Saturday, 28 August 2010

France's 'gypsy deportation' is becoming the EU's problem

The controversy over France’s deportation of Roma (gypsies) who are Romanian nationals continued unabated this week, as Sarkozy prepares to host what some are calling an “anti-gypsy summit” in Paris next week between 5 of the EU’s biggest powers. France’s deportations are not only drawing fire from human rights groups – they are also coming very close to violating EU law, since Romanian nationals are now EU citizens and, in theory, have the right to live anywhere in the EU. The deportations are calling into question what the limits of “free movement” really are. And there are signs that some rightist politicians in Europe may be looking for an opening to make those EU guarantees of free movement more restrictive.

France’s Roma deportations are actually nothing new. France has been closing down illegal Roma camps and sending their inhabitants home for years - and if those inhabitants’ homes happened to be in another country, that’s where they were sent. Last year 10,000 Roma were sent back to Romania and Bulgaria. These Roma have been paid to leave, and the government has always said they were being sent home voluntarily (although they were involuntarily removed from their illegal camps).

Two things have conspired to bring the issue to an EU-wide boil this year. One reason is that several Roma human rights groups have challenged this year’s deportations, saying now that Romanians and Bulgarians are EU citizens they cannot be deported. The second is that French president Nicolas Sarkozy appears to want to make these deportations as high profile as possible, whereas last year they were somewhat covert. The government is clearly trying to Europeanise the issue. Sakozy’s political opponents at home have accused him of cynically persecuting a small, vulnerable group for political gain. They say as his political fortunes continue to slide he is trying to curry favour from the country’s far right. They say it a meaningless political trick, especially since most of the Roma that were paid to leave France in the past couple years ended up just coming right back afterwards, since they have every legal right to do so. Sarko, for his part, seems keen to talk about the deportations to anyone who will listen.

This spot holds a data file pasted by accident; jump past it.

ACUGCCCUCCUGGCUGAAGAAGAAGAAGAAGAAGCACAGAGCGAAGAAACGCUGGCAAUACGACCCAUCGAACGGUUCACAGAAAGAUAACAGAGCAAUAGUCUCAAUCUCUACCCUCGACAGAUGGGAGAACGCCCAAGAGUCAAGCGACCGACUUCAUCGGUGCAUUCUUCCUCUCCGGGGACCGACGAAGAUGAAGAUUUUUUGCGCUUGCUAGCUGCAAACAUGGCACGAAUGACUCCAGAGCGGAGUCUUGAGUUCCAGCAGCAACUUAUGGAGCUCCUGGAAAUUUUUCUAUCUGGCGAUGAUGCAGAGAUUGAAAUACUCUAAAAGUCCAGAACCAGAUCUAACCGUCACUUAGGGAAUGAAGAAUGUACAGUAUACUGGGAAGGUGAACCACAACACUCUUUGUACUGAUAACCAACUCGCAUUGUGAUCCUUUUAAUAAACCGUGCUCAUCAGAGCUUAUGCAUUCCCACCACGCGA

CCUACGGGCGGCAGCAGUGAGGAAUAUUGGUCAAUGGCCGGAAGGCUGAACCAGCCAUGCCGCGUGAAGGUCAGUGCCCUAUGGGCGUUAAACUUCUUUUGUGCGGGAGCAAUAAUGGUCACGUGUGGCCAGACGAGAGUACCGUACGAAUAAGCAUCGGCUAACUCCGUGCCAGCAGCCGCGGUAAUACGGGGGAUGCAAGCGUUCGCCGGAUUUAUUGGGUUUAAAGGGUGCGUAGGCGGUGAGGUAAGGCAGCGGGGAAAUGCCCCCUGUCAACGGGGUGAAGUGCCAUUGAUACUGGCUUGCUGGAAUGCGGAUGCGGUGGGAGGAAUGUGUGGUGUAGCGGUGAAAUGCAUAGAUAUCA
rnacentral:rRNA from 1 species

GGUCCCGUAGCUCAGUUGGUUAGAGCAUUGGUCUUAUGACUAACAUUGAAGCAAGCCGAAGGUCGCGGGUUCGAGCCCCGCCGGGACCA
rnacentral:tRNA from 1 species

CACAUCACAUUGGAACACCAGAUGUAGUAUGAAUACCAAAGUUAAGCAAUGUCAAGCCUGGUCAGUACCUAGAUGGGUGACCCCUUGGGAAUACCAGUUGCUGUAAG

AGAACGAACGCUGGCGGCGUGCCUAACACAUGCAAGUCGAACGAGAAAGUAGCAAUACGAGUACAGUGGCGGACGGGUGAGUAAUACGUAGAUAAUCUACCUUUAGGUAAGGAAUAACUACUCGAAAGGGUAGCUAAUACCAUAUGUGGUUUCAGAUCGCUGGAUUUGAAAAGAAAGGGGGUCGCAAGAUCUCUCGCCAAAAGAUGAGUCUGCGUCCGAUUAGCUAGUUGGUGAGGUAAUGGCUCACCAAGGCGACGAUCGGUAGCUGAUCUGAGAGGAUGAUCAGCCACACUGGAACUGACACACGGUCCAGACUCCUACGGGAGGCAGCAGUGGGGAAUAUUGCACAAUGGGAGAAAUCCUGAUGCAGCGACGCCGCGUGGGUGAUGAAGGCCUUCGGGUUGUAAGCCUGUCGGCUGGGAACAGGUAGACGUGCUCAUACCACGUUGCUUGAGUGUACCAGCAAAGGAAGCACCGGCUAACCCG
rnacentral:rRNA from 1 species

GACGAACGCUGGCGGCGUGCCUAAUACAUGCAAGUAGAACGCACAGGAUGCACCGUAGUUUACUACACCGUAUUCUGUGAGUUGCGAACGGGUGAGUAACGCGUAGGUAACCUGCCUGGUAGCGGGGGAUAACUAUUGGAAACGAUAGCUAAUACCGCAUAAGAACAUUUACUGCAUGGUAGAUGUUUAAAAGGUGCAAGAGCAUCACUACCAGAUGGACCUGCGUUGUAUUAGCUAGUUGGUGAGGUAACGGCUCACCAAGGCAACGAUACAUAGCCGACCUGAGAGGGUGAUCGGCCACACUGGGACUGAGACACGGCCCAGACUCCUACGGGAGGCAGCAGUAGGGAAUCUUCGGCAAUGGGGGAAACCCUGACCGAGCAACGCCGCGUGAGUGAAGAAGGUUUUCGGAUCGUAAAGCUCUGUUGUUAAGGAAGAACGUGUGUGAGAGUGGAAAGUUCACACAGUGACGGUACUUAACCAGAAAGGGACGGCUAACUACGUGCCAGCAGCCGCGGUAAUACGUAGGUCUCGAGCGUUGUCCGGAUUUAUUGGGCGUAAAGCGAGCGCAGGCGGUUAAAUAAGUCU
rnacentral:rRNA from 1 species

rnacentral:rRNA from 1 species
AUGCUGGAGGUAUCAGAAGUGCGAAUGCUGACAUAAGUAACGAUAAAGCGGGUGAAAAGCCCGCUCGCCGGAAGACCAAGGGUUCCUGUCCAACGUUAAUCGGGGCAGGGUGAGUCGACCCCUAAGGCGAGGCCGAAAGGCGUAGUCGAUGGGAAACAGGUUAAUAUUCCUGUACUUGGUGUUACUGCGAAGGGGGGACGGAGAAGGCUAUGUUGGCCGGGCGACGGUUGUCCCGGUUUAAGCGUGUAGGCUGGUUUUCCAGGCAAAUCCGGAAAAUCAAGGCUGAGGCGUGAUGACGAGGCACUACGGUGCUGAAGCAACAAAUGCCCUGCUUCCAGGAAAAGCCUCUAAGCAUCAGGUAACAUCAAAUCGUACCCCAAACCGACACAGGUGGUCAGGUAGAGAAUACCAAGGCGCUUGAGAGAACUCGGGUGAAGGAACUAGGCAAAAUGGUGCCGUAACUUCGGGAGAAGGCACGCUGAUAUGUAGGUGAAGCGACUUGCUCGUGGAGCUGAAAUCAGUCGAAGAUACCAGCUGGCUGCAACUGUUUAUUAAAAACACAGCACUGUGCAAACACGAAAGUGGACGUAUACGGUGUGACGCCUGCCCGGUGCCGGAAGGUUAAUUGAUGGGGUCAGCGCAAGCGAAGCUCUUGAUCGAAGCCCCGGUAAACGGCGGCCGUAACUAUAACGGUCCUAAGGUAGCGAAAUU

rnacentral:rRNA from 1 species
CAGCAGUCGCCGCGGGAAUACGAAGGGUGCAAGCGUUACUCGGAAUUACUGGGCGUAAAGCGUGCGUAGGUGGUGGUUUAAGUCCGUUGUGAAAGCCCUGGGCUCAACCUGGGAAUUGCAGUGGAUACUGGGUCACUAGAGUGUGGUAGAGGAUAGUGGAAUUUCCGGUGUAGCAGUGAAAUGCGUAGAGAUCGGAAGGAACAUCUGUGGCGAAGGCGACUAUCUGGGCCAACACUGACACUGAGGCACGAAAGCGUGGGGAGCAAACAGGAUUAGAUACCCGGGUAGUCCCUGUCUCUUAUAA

Though the fact that these ‘Roma’ are ‘Romanian” nationals can be a bit confusing, in actuality there is no connection between Romanians and Roma – it is merely a semantic coincidence. Roma (formerly referred to as gypsies, though this term is now considered politically incorrect) are an ethnic group believed to originally have come from Northern India that have lived a nomadic, seperate lifestyle in Europe for almost a thousand years. They speak a separate language of Indo-Aryan origin. Today they are mostly located in Eastern Europe, though there are some in Western Europe including 400,000 Roma who are French nationals. But there are many Roma who have come to France from Eastern Europe in recent years since those countries joined the EU (incidentally, French Roma and Eastern European Roma speak two different Roma languages that are not mutually comprehensible). French Roma rights groups estimate that about 12,000 Roma have come to France from Romania and Bulgaria.